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Hillary’s VP Option
Christopher Ruddy
Monday Nov. 24, 2003
Nobody believes me, but Hillary Clinton would be more than willing to be the Democrat’s vice presidential nominee in 2004.
I have little doubt Hillary wants to run in 2004, not 2008 as her friends claim.

But the date, November 21, has already passed for Hillary to register for the New Hampshire primary. The likelihood is that one candidate – not Hillary and probably Dean – will emerge as the Democratic candidate by the time of the South Carolina primary on February 3rd.

So how can Hillary achieve her lifelong dream?

Hillary’s stealth Vice Presidential strategy works like a charm.

This allows Hillary to wait until July of 2004 when the Democrats meet for their convention in Boston. By then, she’ll have a pretty good idea if Bush has the election locked up and whether she should join the ticket.

Today, Bush’s re-election is not clear, but the economy appears to be coming back.

If the economy staggers, or if another 9/11 style terror attack happens, Bush could suffer. Hillary may then see the Democrats have a clear shot of winning the White House.

At the convention, she can make her grab for the VP slot.

For one thing, the Democratic nominee will have no choice but to select her.

As Dick Morris has pointed out, Hillary and Bill have already created soft money political entities outside the control of the Democratic Party that they and their operatives control.

These funds will have coffers in the hundreds of millions (and, no I don’t think they are raising this money for 2008), far more than the Democratic party itself has.

Already top aides to Bill and Hillary have been orchestrating the campaign of Wesley Clark. The purpose of the Clark effort, and the Clinton’s backing for it, is not clear. The real agenda may be to get Hillary and her operatives into the presidential race early, without showing her own flag.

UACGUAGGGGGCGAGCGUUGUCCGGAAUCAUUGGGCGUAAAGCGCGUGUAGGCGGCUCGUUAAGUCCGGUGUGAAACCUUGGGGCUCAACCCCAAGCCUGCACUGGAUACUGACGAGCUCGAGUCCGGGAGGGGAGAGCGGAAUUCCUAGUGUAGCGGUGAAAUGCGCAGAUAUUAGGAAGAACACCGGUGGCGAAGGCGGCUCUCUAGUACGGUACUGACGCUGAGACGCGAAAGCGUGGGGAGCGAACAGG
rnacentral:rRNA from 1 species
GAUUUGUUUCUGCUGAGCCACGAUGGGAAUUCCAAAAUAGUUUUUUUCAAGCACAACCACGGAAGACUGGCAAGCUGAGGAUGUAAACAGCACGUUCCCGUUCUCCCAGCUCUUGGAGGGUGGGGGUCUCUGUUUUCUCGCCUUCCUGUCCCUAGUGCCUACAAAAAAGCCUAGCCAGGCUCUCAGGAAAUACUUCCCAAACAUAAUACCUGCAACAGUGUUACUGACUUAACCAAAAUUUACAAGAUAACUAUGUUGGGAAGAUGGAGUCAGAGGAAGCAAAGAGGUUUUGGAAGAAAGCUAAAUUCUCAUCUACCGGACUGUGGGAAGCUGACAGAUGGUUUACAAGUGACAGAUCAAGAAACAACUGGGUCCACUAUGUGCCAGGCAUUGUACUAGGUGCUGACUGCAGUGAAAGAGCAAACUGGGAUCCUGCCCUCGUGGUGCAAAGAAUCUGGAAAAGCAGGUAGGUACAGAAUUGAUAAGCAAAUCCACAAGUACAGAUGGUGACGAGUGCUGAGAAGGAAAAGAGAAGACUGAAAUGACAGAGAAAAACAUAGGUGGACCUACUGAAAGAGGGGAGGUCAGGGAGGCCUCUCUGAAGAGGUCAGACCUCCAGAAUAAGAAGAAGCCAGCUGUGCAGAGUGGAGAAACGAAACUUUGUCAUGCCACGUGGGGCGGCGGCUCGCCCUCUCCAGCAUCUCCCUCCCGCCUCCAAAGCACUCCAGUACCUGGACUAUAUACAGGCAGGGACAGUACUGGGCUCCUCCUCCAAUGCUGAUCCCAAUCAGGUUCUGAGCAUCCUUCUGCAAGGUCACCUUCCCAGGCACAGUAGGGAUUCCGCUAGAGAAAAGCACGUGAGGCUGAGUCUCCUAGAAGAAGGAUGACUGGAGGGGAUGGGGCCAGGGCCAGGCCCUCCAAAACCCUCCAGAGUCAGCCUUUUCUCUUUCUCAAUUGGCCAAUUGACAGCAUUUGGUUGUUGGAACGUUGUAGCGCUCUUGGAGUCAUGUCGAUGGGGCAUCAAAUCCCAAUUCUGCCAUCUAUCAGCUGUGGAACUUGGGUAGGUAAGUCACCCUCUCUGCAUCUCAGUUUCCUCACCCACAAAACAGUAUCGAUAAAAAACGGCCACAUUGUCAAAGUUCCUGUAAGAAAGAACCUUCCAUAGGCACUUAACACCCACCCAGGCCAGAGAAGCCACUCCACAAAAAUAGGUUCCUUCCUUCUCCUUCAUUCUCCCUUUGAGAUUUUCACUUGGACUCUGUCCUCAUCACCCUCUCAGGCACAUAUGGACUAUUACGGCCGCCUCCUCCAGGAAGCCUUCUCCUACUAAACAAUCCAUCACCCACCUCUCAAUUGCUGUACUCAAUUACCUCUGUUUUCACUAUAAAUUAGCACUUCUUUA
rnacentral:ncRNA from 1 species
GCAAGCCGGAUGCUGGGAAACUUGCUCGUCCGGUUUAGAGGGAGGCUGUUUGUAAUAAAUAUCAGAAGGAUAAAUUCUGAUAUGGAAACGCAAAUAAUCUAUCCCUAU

The beauty of Hillary’s VP strategy is that she doesn’t have to run. She can simply wait until almost the last minute before deciding.

If she does take the VP slot, she avoids all of the scrutiny her scandal ridden past would have inspired during the bruising Democratic primaries.

For sure, as a presidential candidate Hillary would have become the primary target of her Democratic opponents - who dislike her as much as the Republicans.

Today, Hillary is the star of the party. If she announced her White House intention she would be the immediate frontrunner.

She would also become an instant lightning rod.

If she waits and considers the vice presidential option, Hillary won’t attract the same degree of attention and “flack” as the presidential nominee.

If Hillary joins the Democrat ticket and it loses in 2004, Hillary and her spin doctors in the media can immediately blame the loss on the Presidential nominee, not her.

Her friends will anoint her the heir apparent for the nomination in 2008. (I can already imagine Jonathan Alter writing this in Newsweek the week after the 2004 election: “Howard Dean’s far left candidacy brought the Democrats to defeat. It’s a bitter lesson for the Democrats. The silver-lining of this election was Hillary Clinton, who has demonstrated political moderation in the Senate and as a VP candidate brought charisma and enthusiasm to the race. She is the logical nominee next time . . . ”)

Suppose, on the other hand, the Democrats win next year and Hillary becomes Vice President. Hillary immediately becomes the most powerful women in American politics and perhaps the most powerful vice president in history.

And at that point in time, Vice President Rodham Clinton will be just steps away from the Oval Office and a proverbial heart beat away from the top job. Anything could happen.
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